Ford Motor Company is currently making masks and face shields at an incredible rate, at 100,000 per week. Soon, Ford will produce face masks, face shields, PAPR full head respirators, and gowns across multiple factories. And, as is the case with the Ford F-150 pickup truck, the Ford Bronco has a connection, as well.
Ford is ready to make their PAPR respirators in their Flat Rock Michigan Mustang Plant. Once the design is approved by the National Institute for Occupational Safety and Health, 90 paid volunteers will produce around 100,000 units. This new respirator uses the ventilated seat blower from the F-150, which helped speed up production of medical supplies, as Ford used off-the-shelf parts. And when it comes to airbags, Ford will be producing gowns with their supplier, Joysen Safety Systems. As a result, Ford Bronco airbags will use the same material as the gowns. But this product sharing may have its drawbacks.
Ford was, and is, set for some massive product launches this year. The new Ford Bronco and Bronco Sport would have been revealed back in March, but Coronavirus pushed it back. In addition, the next generation F-150 is coming this year. By shutting down production and using supplies intended for vehicles in medical supplies instead, one might think this will impact vehicle production when it eventually begins, as it could mean parts shortages.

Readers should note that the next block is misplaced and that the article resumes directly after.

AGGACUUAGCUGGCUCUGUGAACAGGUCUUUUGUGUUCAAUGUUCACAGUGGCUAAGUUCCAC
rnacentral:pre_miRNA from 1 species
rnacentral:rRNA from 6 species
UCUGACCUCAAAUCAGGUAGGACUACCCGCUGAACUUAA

Quite the opposite. In an interview with Motor Trend, Ford said that everything is under control, and officials claim they’ve balanced medical supply and vehicle production. We don’t know for sure how well production will restart, but producing medical supplies has certainly affected when it will start. Surprisingly, the Mustang Mach-E production is still on track for the original September start. The EV sold out for the 2020 year, so that’s a very hopeful claim. However, Ford has delayed Bronco and F-150 reveals, as well as production, because of the coronavirus pandemic.
Ford’s efforts to fight Coronavirus are nothing short of impressive, as there is an incredible breadth of supplies they will be or are making. They started with the face shields in late March, making 100,000 per week. Now, Ford is currently making face masks and the gowns (with supplier Joysen) that share material with airbags. Ford will begin producing the PAPR respirators, as soon as they get approved. They’ve even deployed engineers to develop plastic testing vials. Finally, Ford has partnered with Wayne State University in heavily infected Detroit, Michigan to provide vehicles for mobile testing units. Ford provided much of the equipment WSU personnel need to carry out up to 100 test per day, per unit. Nationwide, social distancing efforts have helped slow the spread, and Ford’s contributions will certainly do the same.